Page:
P. Scott Hefty

Associate Professor
Undergraduate Studies Director
Primary office:
(785) 864-5392
8051 Haworth

Molecular Mechanisms of Chlamydia Pathogenesis

Chlamydia trachomatis and Chlamydia pneumoniae are among the most significant bacterial pathogens afflicting humans. According to the Centers for Disease Control, C. trachomatis has the highest incidence of infection among all reported infectious diseases in the United States. Globally, it is the most prevalent sexually-transmitted bacterial disease, as well as the most-common cause of non-heritable blindness. According to serological analyses, close to 80% of the adult population has been exposed to C. pneumoniae.  C. pneumoniae infections are strongly correlated with development of atherosclerosis and heart disease, the leading cause of death in the U.S. Together, these observations highlight the extreme importance of Chlamydia infections to public health.

Despite this enormous impact on public health, surprisingly little is known about C. trachomatis and C. pneumoniae including aspects of basic biology, genetics, and pathogenesis. This is indicative of the challenges inherent to chlamydial research such as, lack of a system for directed genetic manipulation and inability to cultivate organisms axenically. However, new tools and technological advances in fields such as biochemistry, genetics/genomics, and structural biology have opened new avenues of research and facilitated our ability to understand the unique biology of this medically important bacterial pathogen.

Chlamydia are obligate intracellular bacteria maintained through a characteristic bi-phasic developmental cycle that is intimately linked with pathogenesis. This virulence defining developmental cycle is governed predominately at the transcriptional level; however, there remain critical gaps in our understanding of developmental regulatory mechanisms in Chlamydia. As such, one of the primary long-term goals of our research is to contribute to a delineation of the key molecular mechanisms that function to regulate chlamydial development and pathogenesis.

An additional challenge to understanding the biology and pathogenesis of Chlamydia is the relatively high percentage (~25-35%) of encoded proteins with unknown function. Given the absence of a system for directed genetic manipulation in Chlamydia, we have addressed this challenge by initiating a collaborative structural genomics project that enlists both computational and experimental approaches.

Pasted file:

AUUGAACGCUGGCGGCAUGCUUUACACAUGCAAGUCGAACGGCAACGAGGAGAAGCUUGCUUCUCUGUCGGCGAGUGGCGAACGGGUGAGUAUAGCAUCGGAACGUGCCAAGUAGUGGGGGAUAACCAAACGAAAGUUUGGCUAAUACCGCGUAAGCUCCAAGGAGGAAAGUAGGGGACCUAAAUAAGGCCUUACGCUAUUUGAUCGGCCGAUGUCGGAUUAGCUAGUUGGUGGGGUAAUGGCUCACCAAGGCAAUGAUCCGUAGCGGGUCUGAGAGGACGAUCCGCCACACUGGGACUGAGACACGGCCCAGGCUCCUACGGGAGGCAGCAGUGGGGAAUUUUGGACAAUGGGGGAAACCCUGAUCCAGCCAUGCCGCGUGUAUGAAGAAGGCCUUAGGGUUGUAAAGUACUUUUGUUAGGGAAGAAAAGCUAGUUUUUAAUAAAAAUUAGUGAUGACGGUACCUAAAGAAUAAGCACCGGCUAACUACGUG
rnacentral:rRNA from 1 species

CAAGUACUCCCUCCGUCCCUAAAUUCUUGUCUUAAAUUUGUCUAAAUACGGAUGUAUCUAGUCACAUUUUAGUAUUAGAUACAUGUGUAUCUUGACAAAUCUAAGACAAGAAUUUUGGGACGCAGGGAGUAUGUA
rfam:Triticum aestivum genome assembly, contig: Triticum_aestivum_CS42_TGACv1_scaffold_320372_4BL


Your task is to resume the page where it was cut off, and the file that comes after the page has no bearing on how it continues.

Antibiotic therapy is effective in treating Chlamydia infections. However, a large portion (estimates as high as 75%) of C. trachomatis infected individuals are asymptomatic and continue to be contagious. In the absence of a safe and effective vaccine, developing vaginal delivered microbicides effective against C. trachomatis infections is a high priority. Through collaborative efforts, we have initiated multiple, complimentary and cohesive projects to identify and develop vaginal delivered microbicide components that are safe and effective against C. trachomatis infections.

Representative Publications

Kemege, K.E., Hickey, J.M., Barta, M.L., Wickstrum, J., Balwalli, N., Lovell, S., Battaile, K.P., and P.S. Hefty (2015). Chlamydia trachomatis protein CT009 is a structural and functional homolog to the key morphogenesis component RodZ and interacts with division septal plane localized MreB. Molecular Microbiology. Feb.; 95(3):365-82

Barta, M.L., Thomas, K., Yuan, H., Lovell, S., Battaile, K.P., Schramm, V.L., and P.S. Hefty (2014). Structural and biochemical characterization of Chlamydia trachomatis hypothetical protein CT263 supports that menaquinone synthesis occurs through the futalosine pathway. J. Biol. Chem. Nov. 14;289(46):32214-29

Osaka, I. and P.S. Hefty (2014). Lipopolysaccharide-binding alkylpolyamine DS-96 inhibits Chlamydia trachomatis infection by blocking attachment and entry. Antimicrob Agents Chemother. Jun;58(6):3245-54

Barta, M.L., Hickey, J.M., Anbanandam, A., Dyer, K., Hammel, M., and P.S. Hefty (2014). Atypical response regulator ChxR from Chlamydia trachomatis is structurally poised for DNA binding. PLoS One. Mar 19;9(3)

Barta, M.L., Lovell, S., Sinclair, A.N., Battaile, K.P., and P.S. Hefty (2014). Chlamydia trachomatis CT771 (NudH) is an asymmetric Ap4A hydrolyase. Biochemistry Jan. 14;53(1):214-24

Barta, M.L., Hickey, J., Kemege, K.E., Lovell, S., Battaile, K.P., and P.S. Hefty (2013). Structure of CT584 from Chlamydia trachomatis refined to 3.05A resolution. Acta Crystallogr Sect F Struct Biol Cryst Commun. Nov.; 69:1196-201